When you look at an image, what do you see and feel? What do you want your audience to see and feel when they view your work? For over thirty years, Dr. Richard Zakia helped thousands of photographers hone in on their creative vision through the inspirational, informative text and images included in his classic book, Perception and Imaging. More than a step-by-step photography instruction manual, Perception and Imaging explores the fundamental act of photography – seeing – through a uniquely comprehensive combination of technique, history, visual perception, philosophy and psychology. No matter your level of technical skill, you can learn to think more clearly about what you wish to convey in your images. Fully revised to account for the unique influences and consequences of the digital revolution and online photosharing, John Suler newly addresses digital impermanence, sensory and cognitive overload, and the selfie, and their effects on perception. Additional coverage also includes microexpressions, Rorschach inkblots and subliminal reactions, transference, and synectics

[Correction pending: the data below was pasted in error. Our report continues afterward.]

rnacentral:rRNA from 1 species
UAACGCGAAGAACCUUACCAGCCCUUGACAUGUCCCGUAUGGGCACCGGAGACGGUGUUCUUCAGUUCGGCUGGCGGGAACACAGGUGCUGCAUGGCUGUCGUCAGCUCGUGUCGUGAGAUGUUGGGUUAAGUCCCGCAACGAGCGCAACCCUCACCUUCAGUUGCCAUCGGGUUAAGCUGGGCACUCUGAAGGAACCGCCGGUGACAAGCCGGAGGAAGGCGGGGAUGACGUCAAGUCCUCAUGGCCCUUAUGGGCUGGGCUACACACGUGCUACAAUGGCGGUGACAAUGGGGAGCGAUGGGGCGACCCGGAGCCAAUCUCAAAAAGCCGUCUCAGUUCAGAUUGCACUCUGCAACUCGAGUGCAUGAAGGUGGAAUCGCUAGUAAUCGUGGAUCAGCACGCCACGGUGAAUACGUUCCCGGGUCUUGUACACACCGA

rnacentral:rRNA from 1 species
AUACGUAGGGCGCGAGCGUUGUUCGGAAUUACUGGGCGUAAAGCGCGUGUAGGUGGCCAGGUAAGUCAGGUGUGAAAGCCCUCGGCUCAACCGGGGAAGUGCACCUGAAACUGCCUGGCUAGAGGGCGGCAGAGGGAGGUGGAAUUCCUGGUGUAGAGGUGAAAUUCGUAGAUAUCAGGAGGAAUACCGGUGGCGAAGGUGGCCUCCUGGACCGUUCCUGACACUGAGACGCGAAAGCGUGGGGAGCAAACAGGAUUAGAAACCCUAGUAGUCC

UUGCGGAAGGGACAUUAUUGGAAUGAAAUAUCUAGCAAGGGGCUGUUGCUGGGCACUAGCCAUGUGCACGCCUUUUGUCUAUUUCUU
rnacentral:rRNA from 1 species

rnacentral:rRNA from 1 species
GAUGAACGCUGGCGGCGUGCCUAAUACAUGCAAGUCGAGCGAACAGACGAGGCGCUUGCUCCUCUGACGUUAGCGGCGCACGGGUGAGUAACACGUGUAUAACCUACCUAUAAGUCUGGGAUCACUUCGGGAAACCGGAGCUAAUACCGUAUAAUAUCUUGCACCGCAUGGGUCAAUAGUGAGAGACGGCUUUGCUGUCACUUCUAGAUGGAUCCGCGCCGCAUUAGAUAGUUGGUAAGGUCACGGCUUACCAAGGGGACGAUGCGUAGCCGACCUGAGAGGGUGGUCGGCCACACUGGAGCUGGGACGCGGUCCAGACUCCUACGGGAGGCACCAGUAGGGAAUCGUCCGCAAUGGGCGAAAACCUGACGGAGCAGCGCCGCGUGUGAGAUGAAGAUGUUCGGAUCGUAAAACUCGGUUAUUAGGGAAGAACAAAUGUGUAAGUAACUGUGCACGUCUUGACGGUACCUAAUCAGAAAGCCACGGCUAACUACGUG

Photography is a lie. Just think about it: photographers create two-dimensional images that sometimes even lack color and then expect everyone who views the image to believe that this is how the subject and scene appeared in front of the lens, in real life. What is truly amazing is that people fall for the visual trickery readily, almost as if they want to be deceived. It gets better: people still believe that one can photograph only what is really there. In this book, Irakly Shanidze reveals the smoke and mirrors that the best photographers use to surprise, entertain, and inspire viewers. He explains that the individual features of photographer’s perception and technical limitations of his equipment make him do things that may eventually make a picture look very different from how a viewer would see the same scene with a naked eye and can lead to a ruined picture. Conversely, photographers who understand these phenomena can use the aforementioned "constraints” to deliberately adjust the level of truthfulness in their pictures.
A comprehensive illustrated exploration of the fascinating science of color Arielle and Joann Eckstut, authors of The Secret Language of Color, offer a thorough, readable, and highly visual exploration of the science of color. Organized by 50 of the most essential questions about color across a variety of fields--physics, chemistry, biology, technology, and psychology--this book examines how and why we see color; how color relates to light; what the real primary colors are; how biology, language, and culture affect the colors that we see; and much more. Full of clear and elegant infographics, What Is Color? is a must-have for artists and designers, scientists, students, and decorators, and anyone else whose work or play involves color.